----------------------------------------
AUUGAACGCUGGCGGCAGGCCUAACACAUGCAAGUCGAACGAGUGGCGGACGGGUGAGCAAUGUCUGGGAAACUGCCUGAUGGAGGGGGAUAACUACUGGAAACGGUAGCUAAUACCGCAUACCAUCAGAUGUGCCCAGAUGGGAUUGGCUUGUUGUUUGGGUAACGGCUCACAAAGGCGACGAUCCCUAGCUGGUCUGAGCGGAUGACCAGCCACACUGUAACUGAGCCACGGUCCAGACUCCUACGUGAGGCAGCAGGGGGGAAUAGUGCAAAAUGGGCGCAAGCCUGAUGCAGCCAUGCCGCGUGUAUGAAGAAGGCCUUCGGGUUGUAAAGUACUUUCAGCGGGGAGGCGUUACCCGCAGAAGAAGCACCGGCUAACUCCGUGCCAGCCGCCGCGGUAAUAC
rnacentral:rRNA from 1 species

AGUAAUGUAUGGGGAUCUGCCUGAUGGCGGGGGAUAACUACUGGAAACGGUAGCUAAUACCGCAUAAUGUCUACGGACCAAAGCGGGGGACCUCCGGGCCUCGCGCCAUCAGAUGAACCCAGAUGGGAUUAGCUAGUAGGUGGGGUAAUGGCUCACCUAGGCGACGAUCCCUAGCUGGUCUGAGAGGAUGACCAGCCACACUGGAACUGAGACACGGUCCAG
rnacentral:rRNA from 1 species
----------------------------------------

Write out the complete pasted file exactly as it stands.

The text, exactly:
AUUGAACGCUGGCGGCAGGCCUAACACAUGCAAGUCGAACGAGUGGCGGACGGGUGAGCAAUGUCUGGGAAACUGCCUGAUGGAGGGGGAUAACUACUGGAAACGGUAGCUAAUACCGCAUACCAUCAGAUGUGCCCAGAUGGGAUUGGCUUGUUGUUUGGGUAACGGCUCACAAAGGCGACGAUCCCUAGCUGGUCUGAGCGGAUGACCAGCCACACUGUAACUGAGCCACGGUCCAGACUCCUACGUGAGGCAGCAGGGGGGAAUAGUGCAAAAUGGGCGCAAGCCUGAUGCAGCCAUGCCGCGUGUAUGAAGAAGGCCUUCGGGUUGUAAAGUACUUUCAGCGGGGAGGCGUUACCCGCAGAAGAAGCACCGGCUAACUCCGUGCCAGCCGCCGCGGUAAUAC
rnacentral:rRNA from 1 species

AGUAAUGUAUGGGGAUCUGCCUGAUGGCGGGGGAUAACUACUGGAAACGGUAGCUAAUACCGCAUAAUGUCUACGGACCAAAGCGGGGGACCUCCGGGCCUCGCGCCAUCAGAUGAACCCAGAUGGGAUUAGCUAGUAGGUGGGGUAAUGGCUCACCUAGGCGACGAUCCCUAGCUGGUCUGAGAGGAUGACCAGCCACACUGGAACUGAGACACGGUCCAG
rnacentral:rRNA from 1 species